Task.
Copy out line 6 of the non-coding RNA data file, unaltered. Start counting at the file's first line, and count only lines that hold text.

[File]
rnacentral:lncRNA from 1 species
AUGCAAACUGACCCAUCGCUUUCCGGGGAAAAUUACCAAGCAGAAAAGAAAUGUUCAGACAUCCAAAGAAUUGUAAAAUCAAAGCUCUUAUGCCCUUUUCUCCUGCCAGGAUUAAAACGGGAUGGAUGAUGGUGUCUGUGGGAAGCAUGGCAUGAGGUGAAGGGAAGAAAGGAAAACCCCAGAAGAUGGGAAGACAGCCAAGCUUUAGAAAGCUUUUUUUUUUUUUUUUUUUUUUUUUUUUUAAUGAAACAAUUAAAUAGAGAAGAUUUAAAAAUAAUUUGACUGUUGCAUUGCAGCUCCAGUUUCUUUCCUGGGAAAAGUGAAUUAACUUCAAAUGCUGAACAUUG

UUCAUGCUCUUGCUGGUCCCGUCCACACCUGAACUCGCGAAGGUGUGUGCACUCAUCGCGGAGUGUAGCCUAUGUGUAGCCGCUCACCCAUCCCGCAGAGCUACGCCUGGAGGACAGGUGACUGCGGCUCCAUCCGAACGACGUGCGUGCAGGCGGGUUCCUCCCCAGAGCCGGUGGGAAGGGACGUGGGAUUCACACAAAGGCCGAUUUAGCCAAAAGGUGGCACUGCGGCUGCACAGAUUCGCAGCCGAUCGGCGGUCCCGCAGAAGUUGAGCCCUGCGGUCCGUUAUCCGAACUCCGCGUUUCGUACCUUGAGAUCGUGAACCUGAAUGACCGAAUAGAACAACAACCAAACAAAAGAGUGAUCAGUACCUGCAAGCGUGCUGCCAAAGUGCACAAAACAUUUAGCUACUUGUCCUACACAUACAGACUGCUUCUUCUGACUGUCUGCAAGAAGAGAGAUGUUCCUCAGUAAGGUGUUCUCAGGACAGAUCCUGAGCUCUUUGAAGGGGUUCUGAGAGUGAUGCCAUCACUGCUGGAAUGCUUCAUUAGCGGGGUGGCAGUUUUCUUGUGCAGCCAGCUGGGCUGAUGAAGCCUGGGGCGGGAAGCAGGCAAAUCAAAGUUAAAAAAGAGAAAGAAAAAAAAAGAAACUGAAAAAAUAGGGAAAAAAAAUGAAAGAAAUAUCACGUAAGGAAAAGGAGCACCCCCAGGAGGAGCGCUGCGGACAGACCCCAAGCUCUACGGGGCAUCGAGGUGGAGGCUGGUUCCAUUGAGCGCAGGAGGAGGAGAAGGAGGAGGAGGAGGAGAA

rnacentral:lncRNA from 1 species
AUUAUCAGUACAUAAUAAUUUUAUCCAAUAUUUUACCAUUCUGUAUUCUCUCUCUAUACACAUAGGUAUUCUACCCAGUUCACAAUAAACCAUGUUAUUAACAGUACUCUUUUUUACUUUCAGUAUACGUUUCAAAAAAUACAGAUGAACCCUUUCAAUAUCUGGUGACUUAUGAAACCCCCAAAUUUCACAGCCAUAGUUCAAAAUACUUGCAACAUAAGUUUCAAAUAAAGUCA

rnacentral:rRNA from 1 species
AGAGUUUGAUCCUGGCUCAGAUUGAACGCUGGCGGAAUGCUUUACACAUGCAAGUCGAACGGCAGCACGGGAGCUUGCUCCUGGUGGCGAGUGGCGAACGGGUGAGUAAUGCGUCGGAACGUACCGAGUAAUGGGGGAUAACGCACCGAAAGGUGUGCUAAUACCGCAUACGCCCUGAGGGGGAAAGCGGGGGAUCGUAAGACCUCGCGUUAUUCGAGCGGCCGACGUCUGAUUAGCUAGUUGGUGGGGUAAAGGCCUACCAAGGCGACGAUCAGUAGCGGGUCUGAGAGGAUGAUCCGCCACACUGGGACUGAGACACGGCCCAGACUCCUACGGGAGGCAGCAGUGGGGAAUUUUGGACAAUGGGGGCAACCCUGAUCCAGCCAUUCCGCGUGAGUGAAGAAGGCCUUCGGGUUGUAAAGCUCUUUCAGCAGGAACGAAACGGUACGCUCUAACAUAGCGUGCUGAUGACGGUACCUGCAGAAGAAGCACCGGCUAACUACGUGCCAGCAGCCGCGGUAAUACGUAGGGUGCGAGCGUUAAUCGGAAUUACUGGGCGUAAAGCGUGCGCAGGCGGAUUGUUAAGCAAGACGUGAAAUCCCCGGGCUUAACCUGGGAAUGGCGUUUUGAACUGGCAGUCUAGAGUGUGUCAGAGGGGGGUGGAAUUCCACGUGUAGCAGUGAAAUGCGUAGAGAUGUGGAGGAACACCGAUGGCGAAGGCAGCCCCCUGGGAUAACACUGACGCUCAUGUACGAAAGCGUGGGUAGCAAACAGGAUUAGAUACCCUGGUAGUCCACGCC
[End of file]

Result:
rnacentral:rRNA from 1 species